The Jazz Guitar Chord Dictionary
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  1. #76

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    I have been planning on posting but didn't know how to get my point across. You did with "Just the deftness of how he gets chords in there".

    As others have noted all professional jazz guitar players use chords in their solo (even Grant Green, ha ha), but most typically either start or end a passage with a chord, or the entire passage is chords (Wes); I.e. single line solo then a solo using mostly chords.

    Barney gets his chord 'in there' often in unexpected places (well at least to me on the first listen of a recording).

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  3. #77

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    And just because I'm studying Barney's immortal masterwork "Satin Doll", I'll just give this thread a bump and put it out there that he is my favorite jazz guitarist bar none. There are others I love almost as much (the unfairly obscure Remo Palmieri being one), and others that dazzle me more (Wes for instance) but given the choice to only listen to one guitarist for the rest of my day I'll take Barney – quirks included.

    As for being sloppy – I call that "taking risks and following your musical idea to its end no matter what". These are qualities, not weaknesses for an improviser. That mindset (and the head-hand connection that goes with it) is the reason why Barney's package includes (along the occasionally dirty lines) an overflow of swinging, lyrical, humorous, whimsical, intricate – always musical – phrases. His going berserk on the 3rd chorus of
    Satin Doll and then giving that massive hit on the brakes at the end of the chorus? Genius.

    And don't get me started on him as a chord soloist ;D

    I'd have loved to get to meet him personally.

  4. #78

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    I agree, Barney wasn't afraid to take risks

  5. #79
    Barney burnin'.


  6. #80

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    My homage to Barney:


  7. #81

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    Beautiful! Thanks for posting this, Rob!

  8. #82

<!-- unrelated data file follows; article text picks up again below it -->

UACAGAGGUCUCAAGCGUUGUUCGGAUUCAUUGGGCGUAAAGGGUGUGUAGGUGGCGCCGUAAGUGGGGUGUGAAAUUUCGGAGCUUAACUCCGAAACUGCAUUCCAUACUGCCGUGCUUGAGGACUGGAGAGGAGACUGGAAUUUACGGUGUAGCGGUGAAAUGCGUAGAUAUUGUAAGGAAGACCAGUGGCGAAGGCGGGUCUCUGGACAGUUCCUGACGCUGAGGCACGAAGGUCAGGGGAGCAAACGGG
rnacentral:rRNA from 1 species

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    Barney particularly shines for me when he’s all by himself, with no other accompaniment. His tuneful arrangements and his guitaristic approach really set him apart.

  9. #83

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    Quote Originally Posted by mr. beaumont
    My favorite Barney on record:

    Whoa — I had never heard this. It isn’t on Spotify. Thanks for posting!

  10. #84

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    BK being a member of the Wrecking Crew I was of course aware of him and I’d heard some of his work with Oscar Peterson. Then I saw a video of Bruce Forman telling about acquiring Barney’s old guitar and Bruce mentioned the intro to Cry Me A River. So I checked that out. Then I replayed that whole song five times just to hear what BK’s doing. Then I dropped everything and started to learn it. As far as accompaniment goes, this is _it_ for me. Deep down I’d love to be a good accompanist so this stuff resonates with me. BK’s doing so much more than comping. The Poll Winners stuff is also incredible. What a talent.

  11. #85

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    Kudos to Bruce for his thoughts and overall community-building and to my pals at FJ for this video.

    https://www.youtube.com/watch?v=x05lZhZuGx8

  12. #86

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    Well, Bruce Forman's "Reunion!" album and all the Barney (and ES-350!) celebration that has happened around it sure is the best homage that could be payed to the master. Especially because the music is so great, and without there being one bar of slavish imitation you hear that same flow and intermingling of swinging single note runs and chord stabs.

  13. #87

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    While having the “Vol.3 To Swing Or Not To Swing”, “Blue Soul”, and “Summertime in Montreux” albums as cheap vinyl reissues I also like the very early stuff.

    This one I got as a christmas present in form of a single from the 50ies from a friend of my parents more than 30 years ago:


    And recently I discovered this one — High Gain Barney jamming with Dexter Gordon and others.


  14. #88

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    Love to hear Barney play.


  15. #89

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    And when Barney and Herb played together, well, that's about as good as it gets.


  16. #90

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    Quote Originally Posted by MarkRhodes
    And when Barney and Herb played together, well, that's about as good as it gets.

    Fantastic shredding from both there.


    Sent from my iPhone using Tapatalk

  17. #91

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    When Barney played with Herb there was a synergy from their mutual Charlie Christian influence but while I respect his bluesy fluidity, Herb's playing never intrigues me. Barney just had a lot more arrows in his musical quiver. However, when the tempo is pushed, he seems to struggle ever so slightly - more reliance on sweep picking licks. I agree with other posts that I love his guitarist approach to the instrument and his uses of open strings.

  18. #92

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    Love me some Barney K!!